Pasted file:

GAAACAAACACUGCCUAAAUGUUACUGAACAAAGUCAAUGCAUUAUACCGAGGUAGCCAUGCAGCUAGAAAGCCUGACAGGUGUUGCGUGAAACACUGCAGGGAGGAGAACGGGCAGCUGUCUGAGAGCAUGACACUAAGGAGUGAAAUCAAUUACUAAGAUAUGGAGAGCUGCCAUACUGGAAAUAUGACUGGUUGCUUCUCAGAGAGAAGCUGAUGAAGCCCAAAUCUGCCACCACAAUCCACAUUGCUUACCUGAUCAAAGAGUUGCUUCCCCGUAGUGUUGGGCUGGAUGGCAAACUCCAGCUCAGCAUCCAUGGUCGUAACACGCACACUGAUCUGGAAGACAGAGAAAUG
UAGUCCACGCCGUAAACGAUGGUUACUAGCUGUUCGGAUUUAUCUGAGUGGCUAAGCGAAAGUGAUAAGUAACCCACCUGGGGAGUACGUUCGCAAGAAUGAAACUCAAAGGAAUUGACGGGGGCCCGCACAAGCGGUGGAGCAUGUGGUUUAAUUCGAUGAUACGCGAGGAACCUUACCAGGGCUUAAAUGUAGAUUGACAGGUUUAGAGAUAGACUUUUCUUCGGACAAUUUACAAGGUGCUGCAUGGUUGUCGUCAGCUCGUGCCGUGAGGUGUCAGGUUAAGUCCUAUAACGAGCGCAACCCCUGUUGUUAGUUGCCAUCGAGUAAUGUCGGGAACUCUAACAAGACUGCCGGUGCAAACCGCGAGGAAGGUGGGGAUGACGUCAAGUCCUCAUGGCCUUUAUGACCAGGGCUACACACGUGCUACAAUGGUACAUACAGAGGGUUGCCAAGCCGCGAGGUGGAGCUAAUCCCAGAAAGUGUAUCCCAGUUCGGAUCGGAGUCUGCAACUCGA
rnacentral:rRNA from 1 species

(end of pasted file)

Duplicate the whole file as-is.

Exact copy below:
GAAACAAACACUGCCUAAAUGUUACUGAACAAAGUCAAUGCAUUAUACCGAGGUAGCCAUGCAGCUAGAAAGCCUGACAGGUGUUGCGUGAAACACUGCAGGGAGGAGAACGGGCAGCUGUCUGAGAGCAUGACACUAAGGAGUGAAAUCAAUUACUAAGAUAUGGAGAGCUGCCAUACUGGAAAUAUGACUGGUUGCUUCUCAGAGAGAAGCUGAUGAAGCCCAAAUCUGCCACCACAAUCCACAUUGCUUACCUGAUCAAAGAGUUGCUUCCCCGUAGUGUUGGGCUGGAUGGCAAACUCCAGCUCAGCAUCCAUGGUCGUAACACGCACACUGAUCUGGAAGACAGAGAAAUG
UAGUCCACGCCGUAAACGAUGGUUACUAGCUGUUCGGAUUUAUCUGAGUGGCUAAGCGAAAGUGAUAAGUAACCCACCUGGGGAGUACGUUCGCAAGAAUGAAACUCAAAGGAAUUGACGGGGGCCCGCACAAGCGGUGGAGCAUGUGGUUUAAUUCGAUGAUACGCGAGGAACCUUACCAGGGCUUAAAUGUAGAUUGACAGGUUUAGAGAUAGACUUUUCUUCGGACAAUUUACAAGGUGCUGCAUGGUUGUCGUCAGCUCGUGCCGUGAGGUGUCAGGUUAAGUCCUAUAACGAGCGCAACCCCUGUUGUUAGUUGCCAUCGAGUAAUGUCGGGAACUCUAACAAGACUGCCGGUGCAAACCGCGAGGAAGGUGGGGAUGACGUCAAGUCCUCAUGGCCUUUAUGACCAGGGCUACACACGUGCUACAAUGGUACAUACAGAGGGUUGCCAAGCCGCGAGGUGGAGCUAAUCCCAGAAAGUGUAUCCCAGUUCGGAUCGGAGUCUGCAACUCGA
rnacentral:rRNA from 1 species